Dear Ann Cannon • I have a friend who loves our current president; I do not even like to say his name. We have been friends all of our lives. She has daughters, and when I asked her how she would feel if a man thought he could put his hands down their pants just because he thought it was his right as a rich, white man, OMG! She went crazy berserk! I admit that I can push buttons when I start talking politics, so maybe that berserk thing goes both ways.

I do love this friend very much, and I want to make things right. I wonder if maybe we should just not see each other for a while; that makes me sad. But I do not understand her point of view, and it seems impossible to have a conversation about all the stuff that is going on. What should I do?

Another Citizen Going Crazy

Dear Citizen • Here’s the really short answer to your question: Don’t discuss politics with this friend for now. Instead, choose to focus on the things you have in common — or at least on subjects that aren’t so fraught.

A woman recently told me that the reason she and her best friend are still best friends — even though she loves Trump and her friend loathes him — is that they have tacitly agreed not to talk about him. They recognize that they consume different media accounts of this presidency and that they’re not likely to change one another’s minds anyway. They also believe their friendship is MUCH more important than Donald Trump, even though Donald Trump himself would undoubtedly disagree. Meanwhile, reach out to your friend instead of avoiding her. Let her know how much you care about her personally and put politics on the shelf for now.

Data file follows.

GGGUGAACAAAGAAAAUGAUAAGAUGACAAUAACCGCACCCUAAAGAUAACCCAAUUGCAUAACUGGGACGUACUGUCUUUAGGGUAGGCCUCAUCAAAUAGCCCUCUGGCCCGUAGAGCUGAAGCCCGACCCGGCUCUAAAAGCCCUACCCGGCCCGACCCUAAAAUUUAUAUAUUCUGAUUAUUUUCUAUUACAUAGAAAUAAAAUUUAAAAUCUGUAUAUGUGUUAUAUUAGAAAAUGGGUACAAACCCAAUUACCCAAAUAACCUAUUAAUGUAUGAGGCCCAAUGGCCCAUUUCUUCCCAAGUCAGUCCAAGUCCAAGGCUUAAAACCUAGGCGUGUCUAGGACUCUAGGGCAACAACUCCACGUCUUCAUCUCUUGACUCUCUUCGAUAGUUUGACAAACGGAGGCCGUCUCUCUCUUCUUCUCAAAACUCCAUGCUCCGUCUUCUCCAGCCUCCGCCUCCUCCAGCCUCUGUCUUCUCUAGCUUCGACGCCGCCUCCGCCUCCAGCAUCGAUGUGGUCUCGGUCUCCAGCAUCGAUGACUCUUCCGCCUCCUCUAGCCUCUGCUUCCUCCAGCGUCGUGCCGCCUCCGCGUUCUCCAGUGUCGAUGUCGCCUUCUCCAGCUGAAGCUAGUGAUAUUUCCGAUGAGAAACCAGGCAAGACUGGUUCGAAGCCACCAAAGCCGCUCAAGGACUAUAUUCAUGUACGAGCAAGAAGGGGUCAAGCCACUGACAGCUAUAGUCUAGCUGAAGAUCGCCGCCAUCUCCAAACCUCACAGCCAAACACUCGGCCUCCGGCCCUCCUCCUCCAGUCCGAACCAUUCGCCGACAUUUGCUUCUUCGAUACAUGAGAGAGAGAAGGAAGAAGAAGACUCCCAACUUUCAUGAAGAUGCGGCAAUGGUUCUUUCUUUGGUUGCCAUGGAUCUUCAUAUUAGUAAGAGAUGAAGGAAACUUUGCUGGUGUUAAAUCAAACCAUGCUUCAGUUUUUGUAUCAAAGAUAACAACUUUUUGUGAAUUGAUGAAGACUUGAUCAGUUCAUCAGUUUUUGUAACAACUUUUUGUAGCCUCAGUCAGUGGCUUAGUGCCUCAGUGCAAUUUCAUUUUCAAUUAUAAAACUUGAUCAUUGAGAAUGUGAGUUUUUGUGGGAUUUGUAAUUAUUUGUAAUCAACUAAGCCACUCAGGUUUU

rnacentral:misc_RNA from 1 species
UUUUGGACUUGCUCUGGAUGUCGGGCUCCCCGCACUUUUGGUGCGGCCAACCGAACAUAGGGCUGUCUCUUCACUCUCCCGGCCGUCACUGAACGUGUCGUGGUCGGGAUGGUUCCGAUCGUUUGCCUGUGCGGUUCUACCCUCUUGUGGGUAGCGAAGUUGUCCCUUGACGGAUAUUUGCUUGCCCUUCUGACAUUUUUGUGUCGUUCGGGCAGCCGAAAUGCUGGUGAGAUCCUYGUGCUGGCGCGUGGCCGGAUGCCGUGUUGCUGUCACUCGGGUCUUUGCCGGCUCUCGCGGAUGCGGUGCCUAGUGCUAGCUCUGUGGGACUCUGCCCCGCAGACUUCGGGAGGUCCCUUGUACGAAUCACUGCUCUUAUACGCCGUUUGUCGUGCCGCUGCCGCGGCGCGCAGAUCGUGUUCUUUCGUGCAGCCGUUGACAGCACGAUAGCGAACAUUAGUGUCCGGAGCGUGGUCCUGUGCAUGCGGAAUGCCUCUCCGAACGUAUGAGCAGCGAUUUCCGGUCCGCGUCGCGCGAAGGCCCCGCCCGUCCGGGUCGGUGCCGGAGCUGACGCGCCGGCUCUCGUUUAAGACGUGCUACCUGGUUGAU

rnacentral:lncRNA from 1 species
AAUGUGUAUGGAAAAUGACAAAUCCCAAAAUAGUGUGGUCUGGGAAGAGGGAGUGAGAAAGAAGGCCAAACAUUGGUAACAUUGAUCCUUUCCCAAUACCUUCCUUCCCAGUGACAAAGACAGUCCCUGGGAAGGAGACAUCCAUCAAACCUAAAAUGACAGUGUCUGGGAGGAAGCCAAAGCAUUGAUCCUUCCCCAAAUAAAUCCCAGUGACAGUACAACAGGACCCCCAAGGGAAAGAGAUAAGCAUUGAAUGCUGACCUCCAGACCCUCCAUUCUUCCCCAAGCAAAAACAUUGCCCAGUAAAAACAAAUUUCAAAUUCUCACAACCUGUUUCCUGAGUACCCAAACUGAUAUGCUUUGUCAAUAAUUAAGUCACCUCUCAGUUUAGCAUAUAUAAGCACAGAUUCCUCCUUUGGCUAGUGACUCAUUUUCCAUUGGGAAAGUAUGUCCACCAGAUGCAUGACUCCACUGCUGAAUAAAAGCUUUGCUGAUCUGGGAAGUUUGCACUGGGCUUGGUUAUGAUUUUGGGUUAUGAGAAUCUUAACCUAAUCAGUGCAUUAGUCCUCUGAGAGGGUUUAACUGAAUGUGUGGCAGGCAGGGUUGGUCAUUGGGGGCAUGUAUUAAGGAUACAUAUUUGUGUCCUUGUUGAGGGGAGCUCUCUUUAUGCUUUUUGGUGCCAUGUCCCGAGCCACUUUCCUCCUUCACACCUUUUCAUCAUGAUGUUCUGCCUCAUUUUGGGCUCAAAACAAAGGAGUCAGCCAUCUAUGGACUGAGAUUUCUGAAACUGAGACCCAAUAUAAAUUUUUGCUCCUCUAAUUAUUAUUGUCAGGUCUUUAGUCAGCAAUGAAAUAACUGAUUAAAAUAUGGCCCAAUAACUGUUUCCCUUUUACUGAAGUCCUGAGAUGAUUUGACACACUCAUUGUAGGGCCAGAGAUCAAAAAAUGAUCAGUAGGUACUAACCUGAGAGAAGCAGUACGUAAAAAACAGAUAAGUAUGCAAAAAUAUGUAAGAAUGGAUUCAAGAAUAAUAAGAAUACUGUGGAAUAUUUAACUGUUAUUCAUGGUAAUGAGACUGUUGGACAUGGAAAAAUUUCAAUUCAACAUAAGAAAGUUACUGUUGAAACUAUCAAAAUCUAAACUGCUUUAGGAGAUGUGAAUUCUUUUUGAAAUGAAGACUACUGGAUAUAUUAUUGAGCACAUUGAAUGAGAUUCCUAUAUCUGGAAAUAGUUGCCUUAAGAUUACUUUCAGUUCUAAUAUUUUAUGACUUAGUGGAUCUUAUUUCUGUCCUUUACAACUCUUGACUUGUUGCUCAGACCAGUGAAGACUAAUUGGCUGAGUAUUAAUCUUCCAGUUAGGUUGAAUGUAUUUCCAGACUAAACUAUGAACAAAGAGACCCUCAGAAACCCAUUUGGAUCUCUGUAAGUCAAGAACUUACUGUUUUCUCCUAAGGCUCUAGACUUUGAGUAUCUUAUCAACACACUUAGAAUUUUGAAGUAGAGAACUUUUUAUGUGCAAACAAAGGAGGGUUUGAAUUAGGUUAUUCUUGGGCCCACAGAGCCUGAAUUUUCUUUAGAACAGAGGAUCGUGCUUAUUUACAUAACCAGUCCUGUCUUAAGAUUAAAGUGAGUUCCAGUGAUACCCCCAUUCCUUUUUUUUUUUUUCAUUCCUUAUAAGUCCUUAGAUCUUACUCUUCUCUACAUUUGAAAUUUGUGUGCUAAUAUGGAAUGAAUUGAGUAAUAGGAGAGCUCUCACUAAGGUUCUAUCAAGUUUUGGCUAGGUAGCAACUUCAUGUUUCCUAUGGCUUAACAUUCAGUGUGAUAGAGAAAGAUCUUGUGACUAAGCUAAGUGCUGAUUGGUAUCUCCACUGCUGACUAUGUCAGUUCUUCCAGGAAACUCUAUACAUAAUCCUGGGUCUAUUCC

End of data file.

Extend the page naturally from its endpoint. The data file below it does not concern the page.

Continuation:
Which brings me to these questions for our readers. Is it even possible to have civil discussions in this era of fractious politics? What tips do you have for discussing politics productively with people who reside in a different place than you do on the political spectrum? Please share.

Dear Ann Cannon • Jon Huntsman Jr. has officially declared his candidacy for governor. As a staunch Democrat of 55 years, how do I make a decision? I see this man as one of the best governors in my time.

Help Me!

Dear Help Me • My mother, a free-thinking former rodeo queen from Big Piney (“The Icebox of the Nation”), Wyoming, routinely gives much better advice than I do, so I’m going to tell you what she always tells me: Pick the person, not the party, yo.

Except she doesn’t say “yo.”

I hope this helps.

Dear Tribune readers • You may remember the letter from a former Scouter who wonders what to do with all those abandoned Scout uniforms beyond just sending them to the Deseret Industries now that The Church of Jesus Christ of Latter-day Saints is no longer a BSA sponsor. Girl Scout leader Pam Carson suggested donating “experienced” uniforms to Scouting troops near you which can be found at the website BeAScout.org. The owner, she notes, “might want to remove the patches from the shirt as they may be special to that Scouter and historic patches are worth money.”

Thank you, Pam, for this information.

Ann Cannon is The Tribune’s advice columnist. Got a question for Ann? Email her at askann@sltrib.com or visit the Ask Ann Cannon page on Facebook.